The Heart of Our Work

A college degree is the clearest path to opportunity in our country, yet for more than 16 million kids growing up in poverty, the odds of getting one are less than 1 in 10. Building a stronger public education system will take leadership by individuals from every walk of life and in every professional sector who understand from firsthand experience that education opens doors that would otherwise be locked tight. Teach For America is one source of such leaders. 

We look for high-achieving college graduates and professionals with a passion for social justice and accelerate their path into the teaching profession. They dedicate at least two years to teaching in an urban or rural public school, an experience that fuels lifelong leadership and advocacy for students and families in low-income communities. Research affirms the value of our approach in the short and long term, but we know we must keep getting better to ensure that the students we teach today are the leaders of tomorrow.

7 Things You Should Know About Us

10 Questions People Ask Us

Below we address 10 questions we’ve heard recently about our work. If you have additional questions, please email us at questions@teachforamerica.org. We also invite you to visit our blog, Pass the Chalk, where you can join the conversation about educational inequity.
1

Who do we recruit?

We seek professionals and recent graduates from a wide variety of backgrounds and career interests who have demonstrated a commitment to social justice and the leadership necessary to teach successfully for at least two years in a high-need school. Our current corps members represent more than 800 colleges and universities.

2

How diverse is our teacher corps?

Diversity is one of our core values. Half of the 2014 corps identify as people of color; 47 percent come from a low-income background; 34 percent are the first in their family to attend college; and 1 in 3 come to the corps from graduate school or with prior professional experience. We’re dedicated to doing as much as we can to ensure that teaching is a financially sustainable option for a diverse and effective teaching force. 

3

Is our training and support model effective?

Research says we’re on the right track, and we’re committed to getting even better. Between 2009 and 2013, statewide studies in North Carolina, Tennessee, and Louisiana concluded that TFA is among each state’s top teacher-preparation programs. The vast majority of principals who work with corps members say they would hire another. Hundreds of corps members and alumni have been honored as teachers of the year by their school, district, county, or state, including the 2014 Arkansas Teacher of the Year; the 2013 teachers of the year in California and Washington, D.C.; and the 2005 National Teacher of the Year.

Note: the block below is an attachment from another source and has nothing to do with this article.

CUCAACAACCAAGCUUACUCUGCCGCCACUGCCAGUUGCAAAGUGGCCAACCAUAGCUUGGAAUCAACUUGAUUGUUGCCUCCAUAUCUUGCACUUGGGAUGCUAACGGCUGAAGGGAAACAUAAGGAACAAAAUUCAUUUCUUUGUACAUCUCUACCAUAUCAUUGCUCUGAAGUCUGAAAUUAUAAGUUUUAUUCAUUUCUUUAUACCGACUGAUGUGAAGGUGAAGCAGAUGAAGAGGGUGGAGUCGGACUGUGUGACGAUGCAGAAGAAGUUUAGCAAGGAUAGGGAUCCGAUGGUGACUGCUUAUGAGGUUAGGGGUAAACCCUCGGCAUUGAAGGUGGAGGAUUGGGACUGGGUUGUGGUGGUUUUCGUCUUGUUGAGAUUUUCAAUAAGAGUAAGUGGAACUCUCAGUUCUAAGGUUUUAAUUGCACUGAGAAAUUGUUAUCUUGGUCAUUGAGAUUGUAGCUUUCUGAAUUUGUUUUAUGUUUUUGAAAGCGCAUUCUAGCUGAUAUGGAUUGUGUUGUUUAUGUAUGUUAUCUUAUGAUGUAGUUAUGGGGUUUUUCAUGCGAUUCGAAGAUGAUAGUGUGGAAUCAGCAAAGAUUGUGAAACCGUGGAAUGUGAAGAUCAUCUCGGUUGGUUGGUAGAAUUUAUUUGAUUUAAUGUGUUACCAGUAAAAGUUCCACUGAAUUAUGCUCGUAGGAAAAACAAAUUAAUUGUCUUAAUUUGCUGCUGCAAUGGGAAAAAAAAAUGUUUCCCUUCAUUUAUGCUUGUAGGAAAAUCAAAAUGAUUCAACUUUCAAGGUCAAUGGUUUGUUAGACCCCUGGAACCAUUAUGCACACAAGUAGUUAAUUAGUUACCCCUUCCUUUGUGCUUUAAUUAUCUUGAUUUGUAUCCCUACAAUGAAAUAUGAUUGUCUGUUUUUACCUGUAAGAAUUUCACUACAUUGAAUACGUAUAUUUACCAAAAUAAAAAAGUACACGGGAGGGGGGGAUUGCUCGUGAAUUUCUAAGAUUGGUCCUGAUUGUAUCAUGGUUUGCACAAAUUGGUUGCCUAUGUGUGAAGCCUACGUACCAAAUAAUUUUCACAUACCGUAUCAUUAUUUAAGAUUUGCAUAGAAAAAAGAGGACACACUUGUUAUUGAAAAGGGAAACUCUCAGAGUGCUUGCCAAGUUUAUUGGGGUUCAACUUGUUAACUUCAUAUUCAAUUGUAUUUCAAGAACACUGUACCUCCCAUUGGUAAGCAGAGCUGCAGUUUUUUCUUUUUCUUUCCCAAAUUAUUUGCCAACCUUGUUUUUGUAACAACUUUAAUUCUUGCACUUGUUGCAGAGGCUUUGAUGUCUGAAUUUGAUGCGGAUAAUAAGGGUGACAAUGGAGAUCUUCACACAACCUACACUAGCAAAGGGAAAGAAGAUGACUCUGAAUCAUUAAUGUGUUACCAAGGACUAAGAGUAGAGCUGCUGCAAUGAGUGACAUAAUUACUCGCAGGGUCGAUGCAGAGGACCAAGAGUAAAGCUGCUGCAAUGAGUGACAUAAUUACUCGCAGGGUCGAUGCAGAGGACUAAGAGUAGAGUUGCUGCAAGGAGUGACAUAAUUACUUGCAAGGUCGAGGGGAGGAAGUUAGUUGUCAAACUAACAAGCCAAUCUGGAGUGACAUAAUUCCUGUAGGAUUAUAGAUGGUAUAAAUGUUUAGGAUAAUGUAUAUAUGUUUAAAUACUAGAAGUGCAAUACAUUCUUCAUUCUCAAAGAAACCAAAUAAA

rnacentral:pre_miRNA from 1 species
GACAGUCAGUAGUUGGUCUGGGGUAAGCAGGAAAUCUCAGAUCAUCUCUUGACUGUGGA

4

Do corps members take jobs from veteran teachers?

TFA is one source of candidates for open teaching positions. Corps members do not have special contracts with schools or districts. They apply for open jobs, and they go through the same interview and hiring process as any candidate. Our approach is to bring the best possible people into the field, but no one is obligated to hire our teachers. 

5

Do we create a revolving door of teachers?

TFA teachers are more likely than others to stay in the classroom during the first two years: 90% of our first-year teachers return for a second year, compared with 83% of first-year teachers in high-poverty schools and 86% of all new teachers. The fact is that nearly half of all teachers leave the classroom within five years, and for schools in low-income communities, the proportion is even higher. We believe more can be done to keep effective teachers in under-resourced schools and hard-to-staff positions, no matter which path they have taken to the classroom.

6

How do we determine the corps size for a region?

Each year, regional teams work with our partners in school districts and charter schools to understand their hiring needs for the upcoming year. In any region in a given year, corps size may grow, shrink, or remain the same. Our goal is to provide quality teachers where they are most needed. In the 2013-14 school year, we reduced corps sizes in one-third of our regions, and in other regions grew depending on the needs of local districts and principals.  

7

How do we spend our money?

We spend about $51,400 per corps member over three years, starting with the recruitment year. That breaks down to $16,400 to recruit and select each new teacher; $7,000 to train each new teacher; and $14,000 in professional development during each of their first two years in the classroom. We spend 10% of our annual budget on fundraising (on par with other nonprofits) and 10% on administrative expenses (lower than other nonprofits). These allocations have earned us 12 consecutive top ratings from Charity Navigator.  

8

Why do we fundraise when it seems that our existing funds are adequate?

Like most nonprofits, we need to raise money continually in order to fulfill our mission and see fundraising as one way to invest communities in our work. Our program serves 10,600 active classroom teachers and 37,000 alumni, and involves hundreds of thousands of applicants each year. Our net assets include money we don't yet have (like future grant commitments and anticipated donations), assets we cannot spend (like computers and office furniture), and an endowment that generates investment income to support operations. Consistent with standard accounting practices, we keep cash reserves on hand to cover, at a minimum, three months of expenses.